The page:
The popular new documentary “Three Identical Strangers” recounts the famous story of the New York triplets who were secretly separated as infants due to (spoiler alert) an arrogant Freudian experiment intended to prove the power of nurture over nature. But as 19-year-olds, they found one another during a few joyous days in 1980 when each first learned that he had two identical brothers.
The likable lads, brawny, extroverted Syracuse U. frat-boy types dressed in Saturday Night Fever fashions, became a brief media sensation as their similarities in mannerism, despite not having known of one another’s existence until a few weeks earlier, and obvious delight in each other’s company charmed talk-show audiences.
These days, we are lectured that diversity is our strength and that it is hateful to prefer to associate more with people genetically similar to us. But the documentary’s recounting of the triplets’ reunion suggests that it would be a blast to discover you have a genetically identical twin (or, in this case, two). …
This story impinges on the immigration debate, in a major way. If a person’s behavior and talents are heavily influenced by their genes — basic characteristics such as productivity, aggression, and trustworthiness — then the blank slate theory is wrong.
The blank slate theory has been a cornerstone of leftist and then globalist thinking for decades. It is the idea that a human is a product mainly of their environment.
Under this theory you can import a Syrian to Germany, safe in the knowledge that his children, raised in Germany, will be just like Germans have always been — productive, trustworthy, safe, German speaking and beer drinking. It’s the idea that culture alone determines everything really important about the person. (Let’s not go into the effect of Islam on cultural transmission here. Obviously Islam is very strong culturally and often prevents other cultural transmission.)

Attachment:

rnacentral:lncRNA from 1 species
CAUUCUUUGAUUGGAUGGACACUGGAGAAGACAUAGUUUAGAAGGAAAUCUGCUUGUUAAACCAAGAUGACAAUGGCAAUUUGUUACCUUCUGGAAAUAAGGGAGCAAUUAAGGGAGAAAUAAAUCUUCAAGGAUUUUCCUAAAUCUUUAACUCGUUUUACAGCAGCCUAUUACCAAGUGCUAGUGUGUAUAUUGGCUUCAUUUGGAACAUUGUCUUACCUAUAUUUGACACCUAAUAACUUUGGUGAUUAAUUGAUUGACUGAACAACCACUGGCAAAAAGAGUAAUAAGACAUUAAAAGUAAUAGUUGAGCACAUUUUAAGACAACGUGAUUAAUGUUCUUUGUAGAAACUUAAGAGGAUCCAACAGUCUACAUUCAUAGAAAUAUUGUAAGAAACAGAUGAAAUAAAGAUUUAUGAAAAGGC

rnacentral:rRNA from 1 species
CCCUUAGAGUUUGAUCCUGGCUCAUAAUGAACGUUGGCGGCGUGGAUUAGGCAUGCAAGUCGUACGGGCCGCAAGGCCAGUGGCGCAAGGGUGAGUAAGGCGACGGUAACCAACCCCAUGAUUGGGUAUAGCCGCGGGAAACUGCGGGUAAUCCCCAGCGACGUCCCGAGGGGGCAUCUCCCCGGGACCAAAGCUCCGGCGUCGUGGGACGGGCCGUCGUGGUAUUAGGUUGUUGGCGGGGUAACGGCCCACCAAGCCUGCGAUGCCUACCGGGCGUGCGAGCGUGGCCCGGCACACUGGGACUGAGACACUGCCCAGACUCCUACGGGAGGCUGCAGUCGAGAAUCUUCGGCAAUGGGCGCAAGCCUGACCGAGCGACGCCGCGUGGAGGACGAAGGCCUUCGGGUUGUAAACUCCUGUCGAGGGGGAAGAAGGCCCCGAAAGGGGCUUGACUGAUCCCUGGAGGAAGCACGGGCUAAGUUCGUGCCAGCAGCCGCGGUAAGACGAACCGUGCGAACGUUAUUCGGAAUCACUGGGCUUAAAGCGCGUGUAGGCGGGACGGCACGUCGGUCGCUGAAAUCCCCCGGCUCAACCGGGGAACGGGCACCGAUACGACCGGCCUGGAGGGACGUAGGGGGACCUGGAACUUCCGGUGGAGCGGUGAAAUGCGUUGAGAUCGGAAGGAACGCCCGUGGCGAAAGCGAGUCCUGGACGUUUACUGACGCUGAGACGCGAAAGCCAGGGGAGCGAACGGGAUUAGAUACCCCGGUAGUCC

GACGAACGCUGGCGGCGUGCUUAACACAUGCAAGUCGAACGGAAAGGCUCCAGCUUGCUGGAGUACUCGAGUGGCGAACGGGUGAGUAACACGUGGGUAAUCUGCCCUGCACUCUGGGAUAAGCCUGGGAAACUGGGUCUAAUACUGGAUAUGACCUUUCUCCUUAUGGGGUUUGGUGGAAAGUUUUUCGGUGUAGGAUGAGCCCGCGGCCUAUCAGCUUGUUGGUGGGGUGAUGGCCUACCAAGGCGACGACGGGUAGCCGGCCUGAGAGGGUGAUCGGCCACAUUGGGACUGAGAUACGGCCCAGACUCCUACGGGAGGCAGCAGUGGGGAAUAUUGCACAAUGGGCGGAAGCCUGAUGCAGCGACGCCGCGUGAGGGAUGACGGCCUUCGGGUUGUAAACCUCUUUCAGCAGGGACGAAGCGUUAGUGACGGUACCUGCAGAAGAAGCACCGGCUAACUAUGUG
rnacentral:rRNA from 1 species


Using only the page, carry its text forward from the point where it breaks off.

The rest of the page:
Or African refugees in Melbourne will raise kids who become just like other Aussie kids, statistically indistinguishable as a group. (Sure, like that’s happening — it’s getting harder and harder to deny for the leftist Victorian government, as experience plays out.)
Leftists love the blank slate theory because their conceit is that they can take raw human beings and, by perfecting the system (usually via big government), they can improve everyone and society. Paradise awaits, if only we’d put them in charge. They imagine they can eradicate or retrain our very natures. (Under socialism, everyone sticks to their diet because this time we really really mean it. Ha ha.)
The testament in this movie undermines the blank slate theory.
Identical twins or triplets have identical genes, but these three were brought up differently. Yet they ended up essentially the same.
The intriguing story is important politically.
According to a now-elderly research assistant interviewed in the film, the most obvious yet least expected fact that leaped out at the Jewish Board’s interviewers was that separated twins, despite their quite different family dynamics, behaved extraordinarily alike. …
Twins undermine not just the 20th-century orthodoxy of nurture over nature, but the 21st-century dogma of diversity. It turns out that splitting up identical twins is bad because identical twins, despite how much they may get on one another’s nerves at times, usually really like being together.